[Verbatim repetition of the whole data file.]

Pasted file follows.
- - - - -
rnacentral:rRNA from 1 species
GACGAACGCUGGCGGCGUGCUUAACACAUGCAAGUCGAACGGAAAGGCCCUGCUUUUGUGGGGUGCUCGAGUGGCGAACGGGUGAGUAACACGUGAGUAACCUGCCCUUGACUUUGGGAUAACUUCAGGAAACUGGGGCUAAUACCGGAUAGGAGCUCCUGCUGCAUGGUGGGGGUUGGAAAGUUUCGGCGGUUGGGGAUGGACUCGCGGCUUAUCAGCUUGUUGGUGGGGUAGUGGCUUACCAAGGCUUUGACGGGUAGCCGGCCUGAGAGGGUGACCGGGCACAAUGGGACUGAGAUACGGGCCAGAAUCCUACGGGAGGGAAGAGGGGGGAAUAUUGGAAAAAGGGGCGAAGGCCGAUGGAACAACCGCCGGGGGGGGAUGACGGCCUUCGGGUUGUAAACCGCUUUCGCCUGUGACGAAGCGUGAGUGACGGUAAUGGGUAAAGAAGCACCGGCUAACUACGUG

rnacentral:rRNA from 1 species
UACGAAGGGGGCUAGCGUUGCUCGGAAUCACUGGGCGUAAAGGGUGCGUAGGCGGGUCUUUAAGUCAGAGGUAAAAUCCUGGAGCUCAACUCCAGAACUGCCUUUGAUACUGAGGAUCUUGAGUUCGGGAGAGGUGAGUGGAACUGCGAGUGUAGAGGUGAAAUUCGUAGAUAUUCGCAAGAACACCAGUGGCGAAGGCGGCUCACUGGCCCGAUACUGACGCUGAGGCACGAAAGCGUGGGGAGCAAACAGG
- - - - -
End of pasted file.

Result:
rnacentral:rRNA from 1 species
GACGAACGCUGGCGGCGUGCUUAACACAUGCAAGUCGAACGGAAAGGCCCUGCUUUUGUGGGGUGCUCGAGUGGCGAACGGGUGAGUAACACGUGAGUAACCUGCCCUUGACUUUGGGAUAACUUCAGGAAACUGGGGCUAAUACCGGAUAGGAGCUCCUGCUGCAUGGUGGGGGUUGGAAAGUUUCGGCGGUUGGGGAUGGACUCGCGGCUUAUCAGCUUGUUGGUGGGGUAGUGGCUUACCAAGGCUUUGACGGGUAGCCGGCCUGAGAGGGUGACCGGGCACAAUGGGACUGAGAUACGGGCCAGAAUCCUACGGGAGGGAAGAGGGGGGAAUAUUGGAAAAAGGGGCGAAGGCCGAUGGAACAACCGCCGGGGGGGGAUGACGGCCUUCGGGUUGUAAACCGCUUUCGCCUGUGACGAAGCGUGAGUGACGGUAAUGGGUAAAGAAGCACCGGCUAACUACGUG

rnacentral:rRNA from 1 species
UACGAAGGGGGCUAGCGUUGCUCGGAAUCACUGGGCGUAAAGGGUGCGUAGGCGGGUCUUUAAGUCAGAGGUAAAAUCCUGGAGCUCAACUCCAGAACUGCCUUUGAUACUGAGGAUCUUGAGUUCGGGAGAGGUGAGUGGAACUGCGAGUGUAGAGGUGAAAUUCGUAGAUAUUCGCAAGAACACCAGUGGCGAAGGCGGCUCACUGGCCCGAUACUGACGCUGAGGCACGAAAGCGUGGGGAGCAAACAGG